#5 Hold the Sauce: If you’re coating your chicken legs/thighs in BBQ sauce, don’t start basting until the chicken is mostly cooked and has about 10-12 minutes left on the grill. When sauces are applied too early, they dry out and burn because of the high sugar content (be careful with teriyaki sauces, they’re loaded with sugar and will burn very quickly), coating your meat in a blackened, charred sticky nightmare. I can speak from experience that blackened chary chicken isn’t tasty. Sorry Real Food Step Dad. 🙂
The rule of thumb for a brine is 1 Tablespoon of salt (and equal parts sugar if you desire– however I use only 1 teaspoon of sugar per cup of water) to each cup (8-ounces) of water. Never brine boneless/skinless cuts of meat for more than 2 hours or else they’ll be overly salty AND rubbery. Repeat after me: “Rubber chickens are for magicians, not dinner”. Good. Now that you have that down, we can continue.
For my bone in and skin on chicken I brine for 3 hours max. I could go longer, but I never seem to remember to get the brine started in time. If you don’t feel brave enough to try brining simply salt the parboiling water pretty liberally. Taste it before you add in the raw chicken. It should taste like the ocean, but not a salt lick. You want the chicken to get some flavor from parboiling since partially cooking meats in boiling water can sometimes remove flavor and you want to infuse flavor. Err on the side of a little too much salt than not enough. But if you pucker wildly and scare your children because you sucked your cheeks inside out, you may wanna pour out some of that salty water and add in some fresh water. Crazy faces means too much salt.
I normally only BBQ a few pieces of chicken at a time so I hastily took some very basic photos. They don’t capture just how lip-smacking tasty the chicken was in person, but sometimes ya gotta get a quick photo and you just can’t worry about a perfectly staged plate of food. I hope you’ll forgive me. I even got a few corners nice and charred… just for old times sake. 😉
Have you ever made your own BBQ Sauce? If so, what are some of the must-have ingredients in your sauce? Share your answers below…
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- 12 TB Salt
- 12 tsp. Sugar (optional but recommended)
- 6 Cups of water
- 6 Cups of ice
- Water- 4 quarts
- Sauce pan
- Salt 1 TB + 1 tsp.
- 4 chicken thighs and 4 chicken legs
- 1-1/2 cups favorite BBQ sauce (my recipe in the notes below)
- In a medium saucepan bring the salt, water and sugar to a simmer. Stir until the salt and sugar are completely dissolved. Remove from the heat and cool for 30 minutes.
- Poor brining solution into a large bowl and add the 6 cups of ice. The water should be cold!
- Add the raw chicken, cover the bowl and place in the fridge, allowing chicken to brine for 2-3 hours.
- Ten minutes before the brining is completed, fill a large sauce pan with 4 quarts of water and 1 Tablespoon plus 1 teaspoon of salt. Place the skillet over medium-high heat. Once the water starts to simmer, carefully add the brined chicken. Bring to a boil, and reduce heat to medium and boil the chicken for 5 minutes.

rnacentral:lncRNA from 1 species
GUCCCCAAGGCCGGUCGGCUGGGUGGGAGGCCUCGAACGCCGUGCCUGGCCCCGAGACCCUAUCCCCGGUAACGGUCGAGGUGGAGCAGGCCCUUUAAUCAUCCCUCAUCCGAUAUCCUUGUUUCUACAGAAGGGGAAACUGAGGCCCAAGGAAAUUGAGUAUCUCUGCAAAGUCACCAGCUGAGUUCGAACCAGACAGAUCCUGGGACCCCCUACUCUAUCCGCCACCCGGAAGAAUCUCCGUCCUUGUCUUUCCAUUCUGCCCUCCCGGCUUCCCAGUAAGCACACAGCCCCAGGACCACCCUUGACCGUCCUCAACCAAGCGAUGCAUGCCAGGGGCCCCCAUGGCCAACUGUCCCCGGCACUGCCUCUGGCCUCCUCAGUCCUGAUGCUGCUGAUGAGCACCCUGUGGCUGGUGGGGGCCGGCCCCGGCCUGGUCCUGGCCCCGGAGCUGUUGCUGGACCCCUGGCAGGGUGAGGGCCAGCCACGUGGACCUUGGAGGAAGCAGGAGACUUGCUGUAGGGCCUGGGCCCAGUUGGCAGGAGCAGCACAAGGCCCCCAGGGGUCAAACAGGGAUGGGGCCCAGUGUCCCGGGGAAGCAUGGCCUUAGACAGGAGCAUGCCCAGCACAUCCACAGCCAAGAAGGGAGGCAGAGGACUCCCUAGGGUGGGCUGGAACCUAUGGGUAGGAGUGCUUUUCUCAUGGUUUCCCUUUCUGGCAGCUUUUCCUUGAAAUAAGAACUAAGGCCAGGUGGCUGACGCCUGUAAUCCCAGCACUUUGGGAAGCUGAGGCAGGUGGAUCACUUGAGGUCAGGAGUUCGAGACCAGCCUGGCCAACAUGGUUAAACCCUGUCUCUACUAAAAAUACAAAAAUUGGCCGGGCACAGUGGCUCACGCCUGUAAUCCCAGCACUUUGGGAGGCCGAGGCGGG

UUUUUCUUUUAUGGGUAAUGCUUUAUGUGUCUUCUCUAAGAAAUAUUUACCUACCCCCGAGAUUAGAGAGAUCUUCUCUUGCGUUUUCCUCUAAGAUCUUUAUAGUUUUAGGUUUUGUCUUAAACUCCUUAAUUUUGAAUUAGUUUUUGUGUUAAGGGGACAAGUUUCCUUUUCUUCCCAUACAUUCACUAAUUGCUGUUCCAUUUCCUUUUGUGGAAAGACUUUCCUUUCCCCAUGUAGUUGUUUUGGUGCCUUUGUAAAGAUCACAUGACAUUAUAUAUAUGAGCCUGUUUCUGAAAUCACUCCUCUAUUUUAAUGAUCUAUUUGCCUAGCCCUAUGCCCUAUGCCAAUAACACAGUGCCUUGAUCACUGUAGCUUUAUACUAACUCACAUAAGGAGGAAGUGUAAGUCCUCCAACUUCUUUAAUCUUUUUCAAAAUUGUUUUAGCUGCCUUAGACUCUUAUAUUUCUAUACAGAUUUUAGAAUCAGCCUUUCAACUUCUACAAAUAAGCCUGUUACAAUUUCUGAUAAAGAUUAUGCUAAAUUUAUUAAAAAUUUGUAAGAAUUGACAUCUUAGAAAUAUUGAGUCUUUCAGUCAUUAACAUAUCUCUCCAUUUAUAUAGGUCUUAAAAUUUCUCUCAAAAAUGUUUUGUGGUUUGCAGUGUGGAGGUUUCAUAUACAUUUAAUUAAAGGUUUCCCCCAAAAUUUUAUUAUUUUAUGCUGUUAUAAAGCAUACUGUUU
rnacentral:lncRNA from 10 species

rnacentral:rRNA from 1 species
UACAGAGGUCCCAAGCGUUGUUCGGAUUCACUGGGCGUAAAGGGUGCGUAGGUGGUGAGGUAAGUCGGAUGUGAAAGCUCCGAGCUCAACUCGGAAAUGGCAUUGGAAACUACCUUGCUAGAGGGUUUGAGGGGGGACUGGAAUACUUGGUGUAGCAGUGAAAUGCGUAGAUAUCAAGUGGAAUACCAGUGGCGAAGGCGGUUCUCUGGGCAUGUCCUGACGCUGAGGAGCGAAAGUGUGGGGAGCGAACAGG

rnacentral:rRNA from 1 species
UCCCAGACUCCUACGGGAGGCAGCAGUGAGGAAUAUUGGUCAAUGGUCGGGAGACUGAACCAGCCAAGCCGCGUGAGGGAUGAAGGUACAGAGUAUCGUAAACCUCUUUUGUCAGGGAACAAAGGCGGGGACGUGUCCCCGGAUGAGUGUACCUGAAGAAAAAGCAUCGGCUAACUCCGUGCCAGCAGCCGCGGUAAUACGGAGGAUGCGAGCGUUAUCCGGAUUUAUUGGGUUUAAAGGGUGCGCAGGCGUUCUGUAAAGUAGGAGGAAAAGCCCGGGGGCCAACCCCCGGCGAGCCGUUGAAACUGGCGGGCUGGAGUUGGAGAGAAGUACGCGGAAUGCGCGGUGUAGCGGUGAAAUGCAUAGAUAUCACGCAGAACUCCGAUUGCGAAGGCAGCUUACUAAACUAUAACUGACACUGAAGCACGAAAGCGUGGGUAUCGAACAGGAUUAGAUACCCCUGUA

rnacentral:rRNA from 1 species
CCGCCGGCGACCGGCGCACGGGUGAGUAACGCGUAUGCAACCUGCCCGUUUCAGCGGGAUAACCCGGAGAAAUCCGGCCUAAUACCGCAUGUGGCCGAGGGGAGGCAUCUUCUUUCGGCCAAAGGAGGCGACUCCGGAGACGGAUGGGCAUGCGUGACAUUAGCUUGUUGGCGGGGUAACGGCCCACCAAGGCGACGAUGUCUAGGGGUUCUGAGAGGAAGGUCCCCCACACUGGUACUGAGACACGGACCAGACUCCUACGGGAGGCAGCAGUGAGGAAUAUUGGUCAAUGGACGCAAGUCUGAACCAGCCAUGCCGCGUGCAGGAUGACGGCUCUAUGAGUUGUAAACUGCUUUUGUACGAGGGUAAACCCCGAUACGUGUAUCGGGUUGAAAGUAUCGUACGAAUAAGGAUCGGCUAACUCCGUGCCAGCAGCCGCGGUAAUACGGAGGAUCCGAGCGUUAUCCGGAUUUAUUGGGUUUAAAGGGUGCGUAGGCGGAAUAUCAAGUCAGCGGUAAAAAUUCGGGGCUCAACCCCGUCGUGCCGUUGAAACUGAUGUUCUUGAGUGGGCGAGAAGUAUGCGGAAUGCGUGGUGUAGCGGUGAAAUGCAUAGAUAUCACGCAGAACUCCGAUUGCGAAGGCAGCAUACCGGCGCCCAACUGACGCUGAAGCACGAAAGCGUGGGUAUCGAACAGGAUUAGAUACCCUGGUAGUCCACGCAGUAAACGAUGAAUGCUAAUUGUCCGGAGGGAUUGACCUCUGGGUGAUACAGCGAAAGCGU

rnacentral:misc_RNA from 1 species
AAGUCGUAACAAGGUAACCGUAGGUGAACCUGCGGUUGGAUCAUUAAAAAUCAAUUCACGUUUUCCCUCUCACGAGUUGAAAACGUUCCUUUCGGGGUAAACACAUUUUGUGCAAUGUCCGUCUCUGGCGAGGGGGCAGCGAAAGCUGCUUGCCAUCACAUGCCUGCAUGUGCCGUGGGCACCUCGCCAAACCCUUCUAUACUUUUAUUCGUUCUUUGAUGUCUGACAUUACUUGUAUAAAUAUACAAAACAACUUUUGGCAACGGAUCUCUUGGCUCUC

- Remove chicken, and set aside on a plate to dry slightly.
- Prepare grill.
- Measure out your BBQ sauce in a heat safe container (so that when you set it near your grill it won't melt or get too hot to handle).
- Once grill is heated and grates are oiled, place the chicken skin side down (for the thighs) on the side where your burner is turned to high and cook on each side for 2 minutes. Now move chicken to the side of the grill where you have the heat source turned to low, or off.
- Cook chicken on each side for about 12-14 minutes. You want the internal temperature of the chicken to be at about 150-153 degrees at this point. If it hasn't reached that, keep it on the grill a bit longer before you start adding sauce.
- Once the chicken has reached 150-153 it's time to baste the chicken with your favorite sauce. Spread sauce (be generous) on one side of the chicken, let it cook for about 3-4 minutes. Flip the chicken, spread on the sauce and grill for another 3-5 minutes.
- Using an instant read digital thermometer, insert into the fattest portion of each piece of chicken (away from the bone) and cook until thermometer reads 163-165 degrees. Remove from grill and set on a plate for FIVE minutes. Do not touch the chicken for FIVE minutes. You want the internal temp to get up to 165-170 degrees.
- Feel free to spread on a little more sauce, and then serve.
- My BBQ sauce recipe can be found here: http://www.realfoodgirlunmodified.com/lets-get-sauced/
- It is important to note that each grill is different and your temperature may end up being higher or lower than mine. You may end up cooking your chicken in less time or more time than I've stated in this recipe. If your chicken is taking longer, then don't start basting with sauce until the chicken has reached an internal temp of at least 150 degrees.
- Be patient, and the chicken should be fully cooked at 165 degrees, but some people feel safer eating it at 170 degrees. I take mine off at 160-162 degrees and let it sit until it reaches at least 165 degrees.
- You may find online that they've increased the safe internal cooking temps of poultry to 170-175 degrees. The only time I ever worry about cooking my chicken beyond 165 degrees is if I can't get a pastured, local-raised, organic chicken and have to use a conventional store bought chicken.
- If you don't want to brine the chicken double the salt in the parboiling liquid and then add the chicken.